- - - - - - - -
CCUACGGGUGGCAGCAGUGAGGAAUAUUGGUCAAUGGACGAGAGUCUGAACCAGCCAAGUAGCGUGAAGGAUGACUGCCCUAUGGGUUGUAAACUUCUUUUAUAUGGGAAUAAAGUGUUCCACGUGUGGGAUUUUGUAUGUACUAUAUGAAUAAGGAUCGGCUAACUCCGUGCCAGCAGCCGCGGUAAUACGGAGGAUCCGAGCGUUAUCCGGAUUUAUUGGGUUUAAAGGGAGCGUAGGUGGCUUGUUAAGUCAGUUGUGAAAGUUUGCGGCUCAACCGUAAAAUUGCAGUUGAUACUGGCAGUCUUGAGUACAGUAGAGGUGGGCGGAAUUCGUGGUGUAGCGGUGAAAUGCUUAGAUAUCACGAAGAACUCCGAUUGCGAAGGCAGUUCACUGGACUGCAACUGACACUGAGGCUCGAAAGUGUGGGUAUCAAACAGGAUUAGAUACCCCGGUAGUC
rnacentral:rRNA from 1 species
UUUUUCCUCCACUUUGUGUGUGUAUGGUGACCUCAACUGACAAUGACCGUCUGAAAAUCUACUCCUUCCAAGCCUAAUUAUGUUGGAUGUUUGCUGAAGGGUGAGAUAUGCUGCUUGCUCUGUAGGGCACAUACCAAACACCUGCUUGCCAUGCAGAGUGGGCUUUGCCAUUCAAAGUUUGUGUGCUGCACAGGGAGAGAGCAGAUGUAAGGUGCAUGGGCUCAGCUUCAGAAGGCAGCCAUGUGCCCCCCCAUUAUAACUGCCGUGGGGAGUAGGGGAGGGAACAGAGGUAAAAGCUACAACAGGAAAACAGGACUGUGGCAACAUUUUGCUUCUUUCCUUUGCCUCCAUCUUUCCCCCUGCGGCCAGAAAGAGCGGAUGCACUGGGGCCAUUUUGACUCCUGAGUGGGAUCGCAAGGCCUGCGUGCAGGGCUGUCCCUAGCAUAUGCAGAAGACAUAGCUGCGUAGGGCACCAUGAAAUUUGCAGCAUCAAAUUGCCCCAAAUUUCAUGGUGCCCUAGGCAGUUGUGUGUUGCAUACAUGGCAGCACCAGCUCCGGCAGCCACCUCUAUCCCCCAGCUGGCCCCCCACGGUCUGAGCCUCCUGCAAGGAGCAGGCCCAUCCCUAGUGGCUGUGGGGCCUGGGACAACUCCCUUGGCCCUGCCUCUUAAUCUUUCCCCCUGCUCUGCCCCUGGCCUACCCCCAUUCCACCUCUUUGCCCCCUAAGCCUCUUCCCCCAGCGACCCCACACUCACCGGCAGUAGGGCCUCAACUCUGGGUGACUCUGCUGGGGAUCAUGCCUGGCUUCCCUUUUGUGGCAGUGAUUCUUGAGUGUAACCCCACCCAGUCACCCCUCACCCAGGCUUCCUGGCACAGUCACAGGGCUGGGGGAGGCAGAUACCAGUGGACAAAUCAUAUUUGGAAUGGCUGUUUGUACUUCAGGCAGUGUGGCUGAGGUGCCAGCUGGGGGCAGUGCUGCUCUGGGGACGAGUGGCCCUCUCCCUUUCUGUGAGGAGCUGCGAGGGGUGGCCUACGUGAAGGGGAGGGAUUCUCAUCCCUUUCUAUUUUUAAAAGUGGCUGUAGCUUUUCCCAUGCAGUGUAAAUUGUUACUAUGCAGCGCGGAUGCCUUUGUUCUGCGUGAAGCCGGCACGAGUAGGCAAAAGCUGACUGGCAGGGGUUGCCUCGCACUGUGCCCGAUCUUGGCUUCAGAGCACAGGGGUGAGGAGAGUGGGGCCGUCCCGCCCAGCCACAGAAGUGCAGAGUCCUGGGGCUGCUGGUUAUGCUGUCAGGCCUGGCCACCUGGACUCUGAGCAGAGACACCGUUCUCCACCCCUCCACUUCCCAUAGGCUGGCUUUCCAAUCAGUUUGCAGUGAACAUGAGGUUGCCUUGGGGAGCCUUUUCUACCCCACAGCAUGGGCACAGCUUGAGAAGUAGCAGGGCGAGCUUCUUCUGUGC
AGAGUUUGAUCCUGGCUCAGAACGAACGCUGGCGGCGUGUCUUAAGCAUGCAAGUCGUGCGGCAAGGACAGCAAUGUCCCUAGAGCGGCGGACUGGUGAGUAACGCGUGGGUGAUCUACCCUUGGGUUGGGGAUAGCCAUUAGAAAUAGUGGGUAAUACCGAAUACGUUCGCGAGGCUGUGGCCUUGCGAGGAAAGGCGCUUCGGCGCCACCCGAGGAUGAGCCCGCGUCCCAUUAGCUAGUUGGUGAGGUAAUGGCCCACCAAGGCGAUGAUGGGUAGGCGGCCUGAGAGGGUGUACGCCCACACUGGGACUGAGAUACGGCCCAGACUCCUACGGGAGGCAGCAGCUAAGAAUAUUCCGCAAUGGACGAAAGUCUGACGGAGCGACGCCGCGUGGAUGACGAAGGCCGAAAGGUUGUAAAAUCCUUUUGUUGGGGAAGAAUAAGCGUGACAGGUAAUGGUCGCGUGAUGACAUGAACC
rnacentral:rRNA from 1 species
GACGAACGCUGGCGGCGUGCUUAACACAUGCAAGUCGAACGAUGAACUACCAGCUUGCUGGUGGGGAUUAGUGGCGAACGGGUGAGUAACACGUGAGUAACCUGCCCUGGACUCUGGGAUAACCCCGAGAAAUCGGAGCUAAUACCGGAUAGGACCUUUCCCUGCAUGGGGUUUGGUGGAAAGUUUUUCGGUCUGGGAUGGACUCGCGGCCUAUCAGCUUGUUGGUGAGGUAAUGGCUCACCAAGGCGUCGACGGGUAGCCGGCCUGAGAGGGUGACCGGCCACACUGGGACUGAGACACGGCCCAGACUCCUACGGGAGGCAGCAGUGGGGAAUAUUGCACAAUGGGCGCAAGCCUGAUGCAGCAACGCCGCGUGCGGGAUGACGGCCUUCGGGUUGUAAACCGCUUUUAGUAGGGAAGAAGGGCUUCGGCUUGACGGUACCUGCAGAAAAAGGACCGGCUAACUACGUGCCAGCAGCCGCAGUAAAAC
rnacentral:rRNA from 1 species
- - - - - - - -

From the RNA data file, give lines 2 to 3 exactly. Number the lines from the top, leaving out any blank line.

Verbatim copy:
rnacentral:rRNA from 1 species
UUUUUCCUCCACUUUGUGUGUGUAUGGUGACCUCAACUGACAAUGACCGUCUGAAAAUCUACUCCUUCCAAGCCUAAUUAUGUUGGAUGUUUGCUGAAGGGUGAGAUAUGCUGCUUGCUCUGUAGGGCACAUACCAAACACCUGCUUGCCAUGCAGAGUGGGCUUUGCCAUUCAAAGUUUGUGUGCUGCACAGGGAGAGAGCAGAUGUAAGGUGCAUGGGCUCAGCUUCAGAAGGCAGCCAUGUGCCCCCCCAUUAUAACUGCCGUGGGGAGUAGGGGAGGGAACAGAGGUAAAAGCUACAACAGGAAAACAGGACUGUGGCAACAUUUUGCUUCUUUCCUUUGCCUCCAUCUUUCCCCCUGCGGCCAGAAAGAGCGGAUGCACUGGGGCCAUUUUGACUCCUGAGUGGGAUCGCAAGGCCUGCGUGCAGGGCUGUCCCUAGCAUAUGCAGAAGACAUAGCUGCGUAGGGCACCAUGAAAUUUGCAGCAUCAAAUUGCCCCAAAUUUCAUGGUGCCCUAGGCAGUUGUGUGUUGCAUACAUGGCAGCACCAGCUCCGGCAGCCACCUCUAUCCCCCAGCUGGCCCCCCACGGUCUGAGCCUCCUGCAAGGAGCAGGCCCAUCCCUAGUGGCUGUGGGGCCUGGGACAACUCCCUUGGCCCUGCCUCUUAAUCUUUCCCCCUGCUCUGCCCCUGGCCUACCCCCAUUCCACCUCUUUGCCCCCUAAGCCUCUUCCCCCAGCGACCCCACACUCACCGGCAGUAGGGCCUCAACUCUGGGUGACUCUGCUGGGGAUCAUGCCUGGCUUCCCUUUUGUGGCAGUGAUUCUUGAGUGUAACCCCACCCAGUCACCCCUCACCCAGGCUUCCUGGCACAGUCACAGGGCUGGGGGAGGCAGAUACCAGUGGACAAAUCAUAUUUGGAAUGGCUGUUUGUACUUCAGGCAGUGUGGCUGAGGUGCCAGCUGGGGGCAGUGCUGCUCUGGGGACGAGUGGCCCUCUCCCUUUCUGUGAGGAGCUGCGAGGGGUGGCCUACGUGAAGGGGAGGGAUUCUCAUCCCUUUCUAUUUUUAAAAGUGGCUGUAGCUUUUCCCAUGCAGUGUAAAUUGUUACUAUGCAGCGCGGAUGCCUUUGUUCUGCGUGAAGCCGGCACGAGUAGGCAAAAGCUGACUGGCAGGGGUUGCCUCGCACUGUGCCCGAUCUUGGCUUCAGAGCACAGGGGUGAGGAGAGUGGGGCCGUCCCGCCCAGCCACAGAAGUGCAGAGUCCUGGGGCUGCUGGUUAUGCUGUCAGGCCUGGCCACCUGGACUCUGAGCAGAGACACCGUUCUCCACCCCUCCACUUCCCAUAGGCUGGCUUUCCAAUCAGUUUGCAGUGAACAUGAGGUUGCCUUGGGGAGCCUUUUCUACCCCACAGCAUGGGCACAGCUUGAGAAGUAGCAGGGCGAGCUUCUUCUGUGC